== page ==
Rorate Caeli

An Authoritative and Binding Magisterial Document Cannot Overthrow the Teaching of a Previous Document of the Same or Higher Authority

Participants at the Dignitatis Humanae Colloquium in Norcia (Photo Source

At the blog of the Dialogos Institute, Prof. Alan Fimister gives an interesting account of a colloquium held last summer on Dignitatis Humanae in relation to previous magisterial teachings (about which we reported at the time). He notes that all participants held as a basic principle that no authoritative and binding document of the teaching office of the Church can overthrow the teaching of a previous document of the same or higher authority. There were, however, two approaches to showing how Dignitatis Humanae did not overthrow previous teaching on religious liberty. One was to argue that Dignitatis Humanae was of a lower grade of authority than the previous established teaching, and that its own teaching is therefore not binding and must rejected on the basis of the previous teaching. The other approach was to argue that Dignitatis Humanae, if interpreted properly does not in fact contradict previous magisterial teachings. Various ways of giving such a reading were proposed. Fimister himself seems to agree most with Thomas Pink’s proposal: “the Declaration refers only to the abstract competence of the state qua state and so does not touch upon the powers of the state as instrument of the Church.” But Fimister then somewhat modifies Pink’s thesis with the help of St. Augustine’s argument that a state is only really just (and therefore only really a state) when it worships the true God:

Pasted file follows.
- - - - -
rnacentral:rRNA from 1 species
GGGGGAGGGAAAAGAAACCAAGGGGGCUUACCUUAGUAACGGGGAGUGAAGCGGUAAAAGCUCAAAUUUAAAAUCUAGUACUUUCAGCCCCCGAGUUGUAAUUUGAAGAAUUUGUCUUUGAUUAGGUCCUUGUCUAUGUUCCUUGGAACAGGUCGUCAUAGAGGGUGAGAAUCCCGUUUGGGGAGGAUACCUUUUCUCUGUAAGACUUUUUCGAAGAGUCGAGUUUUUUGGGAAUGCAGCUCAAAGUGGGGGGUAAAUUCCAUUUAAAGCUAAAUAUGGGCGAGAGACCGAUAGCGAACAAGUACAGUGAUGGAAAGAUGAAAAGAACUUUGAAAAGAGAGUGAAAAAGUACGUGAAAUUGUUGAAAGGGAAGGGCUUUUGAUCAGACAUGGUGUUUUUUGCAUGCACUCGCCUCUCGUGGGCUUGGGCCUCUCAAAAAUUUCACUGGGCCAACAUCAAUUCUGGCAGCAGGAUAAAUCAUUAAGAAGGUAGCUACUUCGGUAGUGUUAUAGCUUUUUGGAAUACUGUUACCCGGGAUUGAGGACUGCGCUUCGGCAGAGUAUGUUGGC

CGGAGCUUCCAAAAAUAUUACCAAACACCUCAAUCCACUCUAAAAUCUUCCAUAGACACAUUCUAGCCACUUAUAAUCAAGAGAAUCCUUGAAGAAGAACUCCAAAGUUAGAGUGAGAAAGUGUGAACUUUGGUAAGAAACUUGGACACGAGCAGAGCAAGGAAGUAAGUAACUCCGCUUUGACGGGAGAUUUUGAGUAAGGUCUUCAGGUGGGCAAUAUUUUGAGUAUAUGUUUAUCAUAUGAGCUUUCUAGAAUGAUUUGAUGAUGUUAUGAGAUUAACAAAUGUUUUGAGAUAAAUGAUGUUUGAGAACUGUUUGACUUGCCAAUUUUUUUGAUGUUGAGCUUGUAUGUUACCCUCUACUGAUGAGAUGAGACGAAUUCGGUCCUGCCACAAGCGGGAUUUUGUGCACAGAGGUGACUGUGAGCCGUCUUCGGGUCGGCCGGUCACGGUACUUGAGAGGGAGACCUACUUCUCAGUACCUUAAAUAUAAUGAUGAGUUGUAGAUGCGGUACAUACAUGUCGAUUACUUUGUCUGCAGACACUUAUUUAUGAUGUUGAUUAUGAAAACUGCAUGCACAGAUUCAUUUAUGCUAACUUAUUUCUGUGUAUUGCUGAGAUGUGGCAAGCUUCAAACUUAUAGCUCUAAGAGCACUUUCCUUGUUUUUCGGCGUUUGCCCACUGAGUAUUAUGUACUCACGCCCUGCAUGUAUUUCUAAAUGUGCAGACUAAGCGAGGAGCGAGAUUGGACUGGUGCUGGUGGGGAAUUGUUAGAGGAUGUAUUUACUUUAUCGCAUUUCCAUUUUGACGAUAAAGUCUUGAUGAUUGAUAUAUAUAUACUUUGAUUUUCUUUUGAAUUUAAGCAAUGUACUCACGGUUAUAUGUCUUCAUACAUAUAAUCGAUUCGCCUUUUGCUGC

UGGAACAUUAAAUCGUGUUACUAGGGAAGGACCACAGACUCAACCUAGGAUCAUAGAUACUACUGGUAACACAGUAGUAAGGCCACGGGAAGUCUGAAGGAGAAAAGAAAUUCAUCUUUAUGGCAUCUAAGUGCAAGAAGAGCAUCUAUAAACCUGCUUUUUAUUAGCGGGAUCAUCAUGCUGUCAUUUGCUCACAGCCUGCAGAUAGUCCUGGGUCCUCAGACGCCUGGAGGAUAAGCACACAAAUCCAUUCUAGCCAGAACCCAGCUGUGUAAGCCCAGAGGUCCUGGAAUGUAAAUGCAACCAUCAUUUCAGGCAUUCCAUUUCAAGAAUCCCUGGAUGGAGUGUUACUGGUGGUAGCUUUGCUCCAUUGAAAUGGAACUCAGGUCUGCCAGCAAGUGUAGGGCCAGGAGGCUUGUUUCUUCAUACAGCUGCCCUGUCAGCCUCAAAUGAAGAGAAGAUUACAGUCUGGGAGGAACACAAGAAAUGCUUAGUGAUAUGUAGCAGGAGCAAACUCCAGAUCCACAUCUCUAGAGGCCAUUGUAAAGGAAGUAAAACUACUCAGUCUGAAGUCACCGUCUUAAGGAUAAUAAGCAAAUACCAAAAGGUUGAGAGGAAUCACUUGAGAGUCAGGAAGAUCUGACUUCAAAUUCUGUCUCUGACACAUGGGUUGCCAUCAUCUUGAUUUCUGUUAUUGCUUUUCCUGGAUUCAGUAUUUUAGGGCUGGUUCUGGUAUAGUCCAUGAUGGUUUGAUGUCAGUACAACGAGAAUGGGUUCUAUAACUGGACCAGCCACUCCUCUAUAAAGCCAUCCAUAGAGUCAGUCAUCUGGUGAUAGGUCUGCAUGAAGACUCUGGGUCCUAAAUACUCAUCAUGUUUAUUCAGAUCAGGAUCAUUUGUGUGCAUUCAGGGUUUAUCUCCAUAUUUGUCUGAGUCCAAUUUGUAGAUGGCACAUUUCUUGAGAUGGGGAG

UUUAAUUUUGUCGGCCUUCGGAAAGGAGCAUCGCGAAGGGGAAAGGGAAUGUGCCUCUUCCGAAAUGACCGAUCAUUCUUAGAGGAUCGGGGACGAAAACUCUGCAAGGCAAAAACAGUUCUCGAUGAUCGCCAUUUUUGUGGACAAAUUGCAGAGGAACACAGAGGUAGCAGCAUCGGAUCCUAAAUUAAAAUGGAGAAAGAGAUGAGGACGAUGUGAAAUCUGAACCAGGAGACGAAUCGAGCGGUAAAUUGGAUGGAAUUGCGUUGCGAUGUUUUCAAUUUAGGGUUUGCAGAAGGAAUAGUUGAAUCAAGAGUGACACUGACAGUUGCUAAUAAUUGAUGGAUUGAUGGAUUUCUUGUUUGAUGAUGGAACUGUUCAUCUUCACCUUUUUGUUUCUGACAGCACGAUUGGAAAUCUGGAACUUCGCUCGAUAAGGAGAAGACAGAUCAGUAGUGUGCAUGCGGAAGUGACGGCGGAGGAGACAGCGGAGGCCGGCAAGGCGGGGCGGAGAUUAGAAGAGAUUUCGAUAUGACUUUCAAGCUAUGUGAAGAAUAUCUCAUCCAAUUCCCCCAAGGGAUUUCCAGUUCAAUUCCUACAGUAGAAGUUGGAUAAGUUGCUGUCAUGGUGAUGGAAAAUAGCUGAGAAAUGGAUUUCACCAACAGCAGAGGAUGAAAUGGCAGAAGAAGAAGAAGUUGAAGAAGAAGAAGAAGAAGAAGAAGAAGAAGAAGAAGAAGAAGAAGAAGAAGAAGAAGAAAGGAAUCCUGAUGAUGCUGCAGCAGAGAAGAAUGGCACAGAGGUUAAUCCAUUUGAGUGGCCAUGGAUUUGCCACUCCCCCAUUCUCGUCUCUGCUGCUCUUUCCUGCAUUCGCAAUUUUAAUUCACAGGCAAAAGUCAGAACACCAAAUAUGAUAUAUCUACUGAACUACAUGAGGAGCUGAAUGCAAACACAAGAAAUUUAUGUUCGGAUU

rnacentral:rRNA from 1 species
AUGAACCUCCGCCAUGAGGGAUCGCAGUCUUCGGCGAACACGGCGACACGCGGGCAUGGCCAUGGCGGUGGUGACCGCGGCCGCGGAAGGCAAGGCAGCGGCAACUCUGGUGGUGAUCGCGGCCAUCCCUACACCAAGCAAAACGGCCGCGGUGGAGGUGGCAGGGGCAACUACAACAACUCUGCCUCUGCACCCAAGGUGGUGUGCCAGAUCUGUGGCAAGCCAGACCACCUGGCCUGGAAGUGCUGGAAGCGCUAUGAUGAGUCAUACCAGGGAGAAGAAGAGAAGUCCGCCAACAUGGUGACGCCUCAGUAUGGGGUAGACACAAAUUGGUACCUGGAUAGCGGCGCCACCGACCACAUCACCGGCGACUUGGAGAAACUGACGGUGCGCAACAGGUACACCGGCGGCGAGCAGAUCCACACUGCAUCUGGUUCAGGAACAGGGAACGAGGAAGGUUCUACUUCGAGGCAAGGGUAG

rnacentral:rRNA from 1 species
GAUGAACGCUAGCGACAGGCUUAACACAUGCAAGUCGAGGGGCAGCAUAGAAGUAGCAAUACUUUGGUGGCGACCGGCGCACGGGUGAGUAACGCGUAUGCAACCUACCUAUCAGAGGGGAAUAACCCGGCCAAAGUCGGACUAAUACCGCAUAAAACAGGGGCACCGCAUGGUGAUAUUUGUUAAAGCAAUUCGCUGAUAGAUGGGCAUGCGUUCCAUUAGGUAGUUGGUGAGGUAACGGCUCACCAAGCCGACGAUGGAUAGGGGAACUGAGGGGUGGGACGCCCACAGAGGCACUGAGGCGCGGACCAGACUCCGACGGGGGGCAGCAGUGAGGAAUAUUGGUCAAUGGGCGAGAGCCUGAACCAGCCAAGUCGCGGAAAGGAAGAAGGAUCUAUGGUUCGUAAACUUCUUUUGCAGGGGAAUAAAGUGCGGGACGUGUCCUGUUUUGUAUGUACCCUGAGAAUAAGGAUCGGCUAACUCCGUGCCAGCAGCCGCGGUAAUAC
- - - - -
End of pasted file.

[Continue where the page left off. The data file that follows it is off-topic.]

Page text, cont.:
It is part of the essence of a true polity that it worship the one true God in the manner which He has appointed. Every state is thus obliged to discover the true religion and embrace it corporately. As it happens the true religion is Catholicism and part of the revelation upon which Catholicism is founded is the reservation of judgement in religious matters to the spiritual power. The state does indeed have of its own nature competence in religious maters but the only true polity without qualification is the City of God, the Catholic Church. It is through adherence to the Catholic Church that temporal polities receive their perfection as human societies. As Pink often emphasises, Leo XIII teaches that the proper relationship between Church and state is that of soul and body. It is the nature of the body to be united to the soul. Without the soul there is no human body. Thus it is part of the essence of the state to coerce in religious matters but in this order of providence it is also part of the essence of the state to exist within the Catholic Church; a civil power that is not united to the Church thus lacks de facto this right that belongs in the abstract to the state. As St Augustine says “there is no justice save in that commonwealth whose founder and ruler is Christ” and “kingdoms without justice are but criminal gangs”.